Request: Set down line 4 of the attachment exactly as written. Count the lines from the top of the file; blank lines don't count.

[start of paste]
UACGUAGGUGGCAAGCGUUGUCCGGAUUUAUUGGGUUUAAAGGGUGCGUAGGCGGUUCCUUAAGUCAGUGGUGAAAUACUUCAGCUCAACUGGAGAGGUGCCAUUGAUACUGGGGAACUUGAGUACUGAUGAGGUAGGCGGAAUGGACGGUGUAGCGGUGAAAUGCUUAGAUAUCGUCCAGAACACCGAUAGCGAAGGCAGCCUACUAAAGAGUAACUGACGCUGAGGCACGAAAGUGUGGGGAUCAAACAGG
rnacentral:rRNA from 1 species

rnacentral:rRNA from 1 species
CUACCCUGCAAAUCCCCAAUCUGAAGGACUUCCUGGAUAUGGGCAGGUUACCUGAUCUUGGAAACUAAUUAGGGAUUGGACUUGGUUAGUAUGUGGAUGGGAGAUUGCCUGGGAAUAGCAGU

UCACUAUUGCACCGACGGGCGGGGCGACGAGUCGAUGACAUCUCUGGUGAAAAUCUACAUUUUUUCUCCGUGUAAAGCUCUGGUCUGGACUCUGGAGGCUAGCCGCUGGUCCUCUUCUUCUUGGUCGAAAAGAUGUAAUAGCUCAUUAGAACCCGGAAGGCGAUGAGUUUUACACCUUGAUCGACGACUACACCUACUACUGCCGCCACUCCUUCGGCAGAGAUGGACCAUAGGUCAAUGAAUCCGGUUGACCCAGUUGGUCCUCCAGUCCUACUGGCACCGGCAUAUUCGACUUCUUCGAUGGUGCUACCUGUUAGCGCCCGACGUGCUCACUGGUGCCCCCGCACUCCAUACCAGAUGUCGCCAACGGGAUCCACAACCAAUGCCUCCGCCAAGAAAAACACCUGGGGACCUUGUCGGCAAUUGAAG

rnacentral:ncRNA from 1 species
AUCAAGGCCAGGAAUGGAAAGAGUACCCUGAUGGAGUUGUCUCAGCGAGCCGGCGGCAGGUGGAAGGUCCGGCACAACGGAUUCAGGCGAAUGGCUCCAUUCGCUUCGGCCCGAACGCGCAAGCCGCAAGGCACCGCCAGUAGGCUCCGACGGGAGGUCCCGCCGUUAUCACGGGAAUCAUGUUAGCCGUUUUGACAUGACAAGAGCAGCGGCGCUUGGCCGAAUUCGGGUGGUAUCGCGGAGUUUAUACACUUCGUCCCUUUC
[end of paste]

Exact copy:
CUACCCUGCAAAUCCCCAAUCUGAAGGACUUCCUGGAUAUGGGCAGGUUACCUGAUCUUGGAAACUAAUUAGGGAUUGGACUUGGUUAGUAUGUGGAUGGGAGAUUGCCUGGGAAUAGCAGU